C-USA To Be Proactive In Replacing Defectors
By BRETT McMURPHY firstname.lastname@example.org
Published: Sep 23, 2003
TAMPA - Facing the reality it could lose six members to other leagues, Conference USA is prepared to extend invitations to at least four teams from the Mid-American and Western Athletic conferences to form a 12-team, all-sports league in 2005.
UCF, Marshall, SMU, Tulsa and Rice are the leading candidates to replace Louisville, Cincinnati, Marquette and DePaul, who reportedly are headed to the Big East, and Charlotte and Saint Louis, who could move to the Atlantic 10, C-USA sources said Monday.
C-USA Commissioner Britton Banowsky would not discuss specific teams but said his league has been contacted by ``about 10 institutions'' interested in joining C-USA.
``We have no agreements in place, but we are very focused on what contingency plans will make the conference stronger in the future,'' said Banowsky, who met with C-USA's presidents Sunday in Chicago. ``If an institution or institutions leave, we have a general feel for those scenarios.''
The loss of six members - plus Army, which announced last month it was leaving C-USA after the 2004 season - would leave C-USA with eight all-sports members - USF, East Carolina, Houston, Memphis, Southern Miss, TCU, Tulane and UAB.
C-USA could then turn its sights to UCF and Marshall of the MAC and SMU, Tulsa and Rice of the WAC.
``We're trying to be ready to go so there's no lag time once the Big East makes its decision,'' a C-USA source said. ``The league is very proactive on what it needs to do. We prefer a 12-team all-sports model because everyone is then dealing with apples and apples instead of apples and oranges.''
C-USA's current membership features 11 football members and four non-football members.
``It's safe to say the conference, and USF, is looking at the opportunity to be stronger regardless of what happens,'' USF Athletic Director Lee Roy Selmon said. ``We're looking at the opportunity to get better to strengthen our position as an institution.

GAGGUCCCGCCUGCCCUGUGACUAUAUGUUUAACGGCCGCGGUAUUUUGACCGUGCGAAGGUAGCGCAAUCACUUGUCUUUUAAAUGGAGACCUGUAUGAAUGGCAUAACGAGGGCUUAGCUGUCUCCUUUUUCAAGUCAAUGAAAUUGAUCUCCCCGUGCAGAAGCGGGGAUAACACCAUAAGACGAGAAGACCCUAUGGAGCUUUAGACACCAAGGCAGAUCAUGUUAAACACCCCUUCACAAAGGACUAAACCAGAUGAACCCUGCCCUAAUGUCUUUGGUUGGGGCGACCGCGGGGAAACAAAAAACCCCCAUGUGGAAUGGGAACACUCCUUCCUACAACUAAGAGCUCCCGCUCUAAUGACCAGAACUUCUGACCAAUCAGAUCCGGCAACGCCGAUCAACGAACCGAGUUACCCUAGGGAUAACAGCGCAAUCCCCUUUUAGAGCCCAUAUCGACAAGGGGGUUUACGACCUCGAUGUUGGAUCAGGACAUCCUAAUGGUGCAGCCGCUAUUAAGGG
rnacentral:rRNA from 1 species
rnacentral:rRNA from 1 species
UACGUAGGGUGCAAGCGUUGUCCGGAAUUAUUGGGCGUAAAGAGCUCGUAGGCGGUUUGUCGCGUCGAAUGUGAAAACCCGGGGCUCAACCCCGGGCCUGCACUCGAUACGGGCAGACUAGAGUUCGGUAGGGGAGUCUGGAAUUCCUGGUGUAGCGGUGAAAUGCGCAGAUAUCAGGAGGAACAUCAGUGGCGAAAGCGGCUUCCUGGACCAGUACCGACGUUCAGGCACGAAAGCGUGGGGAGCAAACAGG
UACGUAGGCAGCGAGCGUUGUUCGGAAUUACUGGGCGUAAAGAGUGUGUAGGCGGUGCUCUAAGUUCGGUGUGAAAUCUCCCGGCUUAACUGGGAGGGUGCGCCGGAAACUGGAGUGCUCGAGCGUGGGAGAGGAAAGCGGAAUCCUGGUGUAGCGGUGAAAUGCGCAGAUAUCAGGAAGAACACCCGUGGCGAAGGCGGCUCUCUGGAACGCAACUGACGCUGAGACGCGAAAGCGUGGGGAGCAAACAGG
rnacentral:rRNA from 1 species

``With the changing landscape of college athletics, this won't be the last time this sort of thing happens. Who knows, we might find ourselves in this situation again, so we have to strive to have the best program we can overall.''
USF President Judy Genshaft, who attended Sunday's meetings, did not return calls seeking comment.
C-USA consultant Chuck Neinas, the former College Football Association executive director and Big Eight Conference commissioner, said there are a myriad of details to be addressed.
``Hopefully once the Big East makes a determination, Conference USA can act with all appropriate speed,'' Neinas said. ``I'm optimistic the outcome will be positive. In certain ways, the league can be stronger. But you play the cards you're dealt, and we don't know what cards are there yet.''
Although the MAC created a national splash this past weekend with three Top 25 upsets, C-USA offers more bowl opportunities, larger television markets and a bigger revenue stream.
C-USA has five bowl tie-ins, compared to three for the WAC and two for the MAC.
C-USA has pursued SMU, UCF and Marshall before. In 1999, SMU was expected to receive an invitation with TCU, but the league didn't want to expand beyond 14 basketball members and opted for East Carolina, already a football member.
Then in August 2001, after several attempts to convince Navy to join C-USA, the league decided to invite Marshall and UCF with the thinking Army eventually would leave the league. However, before an official invitation was extended, UCF received an offer to join the MAC.
MAC spokesman Gary Richter said MAC members giving at least two years notice of leaving must pay a $200,000 fee, or $400,000 with less than two years notice.
WAC spokesman Dave Chaffin said WAC members must notify the league before Sept. 1 of their intentions to leave the following season and then forfeit their shares of the league's year-end revenues.
``Ideally we wouldn't lose any members,'' Banowsky said. ``There is no specific timetable [to replace schools], but we will move as rapidly as we can to make sure we do a thorough job.''
Although Louisville and Cincinnati are the leading candidates to leave C-USA for the Big East, support for USF is growing, the Hartford Courant reported.
Selmon, however, said USF ``has not had any contact one way or another from the Big East.''
Memphis Athletic Director R.C. Johnson said he was informed by Big East Commissioner Mike Tranghese that the Tigers were no longer a candidate, the Memphis Commercial Appeal reported last week.
Also last week, a Houston television station obtained a letter from WAC Commissioner Karl Benson urging his league's presidents to take advantage of C-USA's uncertain future by targeting Tulane, TCU and Houston.
However, Neinas said he felt ``relatively confident Tulane, TCU and Houston aren't going to the WAC.''